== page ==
One of the major criticisms from the start was an assumption that one-day Masons would not go on to become active lodge participants, proficient ritualists, or officers. “Easy in, easy out,” was the oft-repeated, doleful warning. But several jurisdictions that amassed enough data over time were able to disprove that assertion.

A study was conducted in 2001 by Paul M. Bessel for the Grand Lodge of the District of Columbia, which was the first of its kind to analyze the long-term results of such conferrals. Their grand lodge was unique, since they had conducted two-day degree events annually for eight years and had the data to analyze. Bessel found that the retention and participation rate of members initiated, passed, and raised in the slower, traditional manner, versus the Grand Master’s Class candidates, were statistically identical. Subsequent years demonstrated the same results, clearly disproving objections based only upon fears that dejected Master Masons who were disappointed or unimpressed by their one day experience would vanish faster than their traditionally raised brethren.

Other jurisdictions that bothered to investigate their own circumstances and results came to the same conclusions. Ohio did its own study in 2007, five years after their record setting class. In the three Grand Master’s Classes held between 2002 and 2005, they found that 8% of one-day class members were serving or had already served as lodge officers. That worked out to more than 1,000 officers in their 534 lodges, or almost two officers per lodge. The actual numbers among lodges varied—several reported as many as five of their current officers were one-day members.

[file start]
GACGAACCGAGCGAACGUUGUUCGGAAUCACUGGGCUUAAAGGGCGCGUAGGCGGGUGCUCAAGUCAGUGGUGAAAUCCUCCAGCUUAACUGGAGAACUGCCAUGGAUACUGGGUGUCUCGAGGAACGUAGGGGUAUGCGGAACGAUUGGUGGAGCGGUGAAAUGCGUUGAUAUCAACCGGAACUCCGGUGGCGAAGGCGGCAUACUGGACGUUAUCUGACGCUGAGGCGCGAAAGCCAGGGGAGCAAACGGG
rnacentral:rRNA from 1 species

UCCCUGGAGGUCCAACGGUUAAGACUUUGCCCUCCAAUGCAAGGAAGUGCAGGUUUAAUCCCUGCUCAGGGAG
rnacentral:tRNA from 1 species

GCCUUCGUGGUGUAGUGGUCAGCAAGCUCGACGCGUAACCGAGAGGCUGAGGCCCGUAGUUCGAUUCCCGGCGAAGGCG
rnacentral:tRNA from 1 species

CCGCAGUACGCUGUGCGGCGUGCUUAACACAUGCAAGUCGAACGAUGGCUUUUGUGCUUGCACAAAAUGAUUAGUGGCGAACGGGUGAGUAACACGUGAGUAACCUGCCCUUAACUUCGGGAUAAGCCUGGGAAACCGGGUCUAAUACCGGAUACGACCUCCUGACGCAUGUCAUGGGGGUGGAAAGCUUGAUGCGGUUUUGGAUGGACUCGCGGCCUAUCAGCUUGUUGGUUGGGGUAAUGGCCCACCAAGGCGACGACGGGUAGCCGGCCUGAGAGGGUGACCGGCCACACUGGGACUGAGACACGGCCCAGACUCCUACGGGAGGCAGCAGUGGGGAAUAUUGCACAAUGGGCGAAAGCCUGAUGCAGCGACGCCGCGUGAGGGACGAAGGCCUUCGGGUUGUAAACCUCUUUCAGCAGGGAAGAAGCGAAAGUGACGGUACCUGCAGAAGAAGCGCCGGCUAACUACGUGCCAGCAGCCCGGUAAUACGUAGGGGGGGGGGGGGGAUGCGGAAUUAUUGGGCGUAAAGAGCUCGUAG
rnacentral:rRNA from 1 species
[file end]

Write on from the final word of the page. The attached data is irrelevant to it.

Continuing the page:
In addition, lodges reported an average of 15% of one-day members attended meetings regularly, which was virtually identical to (and often greater than) the participation rate of traditionally made Masons. Numerous lodge secretaries expressed the belief that one-day classes had actually “saved” their lodges. 

More recently, a 2015 study of current lodge officers in Washington State revealed that one out of six officers are one-day class members.

As of 2017, my own Grand Lodge of Indiana has raised a total of 6,976 Master Masons via one-day events since its first in 1997. Of those, 3,958 still remain Masons across those twenty years. Many have been officers and Worshipful Masters, and all have simply been as active or inactive as their traditionally-made brethren. To date, there have been several grand masters all across the U.S. who received their degrees at one-day events. 

Tens of thousands of U.S. Masons have been initiated, passed, and raised in one-day classes, and the loss of them due to inactivity and demits is no better or worse than traditionally made members. In Indiana’s case, figures clearly show that one-day Masons have actually remained members in a substantially greater percentage than those traditionally made.

That which was lost

The philosophical question as to the loss to the candidate of a more individual, transformative, initiatic experience is what cannot be measured. What has been commonly echoed by men who received the accelerated degrees is that they returned to their own lodges and discouraged their officers and fellow members from sending future candidates to them. So in their own way, one-day classes actually encourage lodges to increase their proficiency at conducting degree work, and not abandon it, as was initially feared by some. 

Retention and participation comes down solely to the way the members are treated and mentored once they start attending their lodges, and rests on the interest and dedication of each individual Mason. A one day class conferral of the three lodge degrees doesn't let the lodge and its members duck their responsibility to provide a trusted, knowledgable mentor to those brethren who need more coaching and education, not less. 

Maybe more to the point is that we don't have two classifications of Master Mason in this fraternity. If at their next meeting after their raising they are referred to by ostensible brethren as ‘McMasons,’ ‘Blue Lightenings,’ or ‘One Day Wonders,’ receive no mentoring follow up, and suffer through dull stated meetings with no Masonic education and un-Masonic infighting, they will be unlikely to send in their dues renewal in December.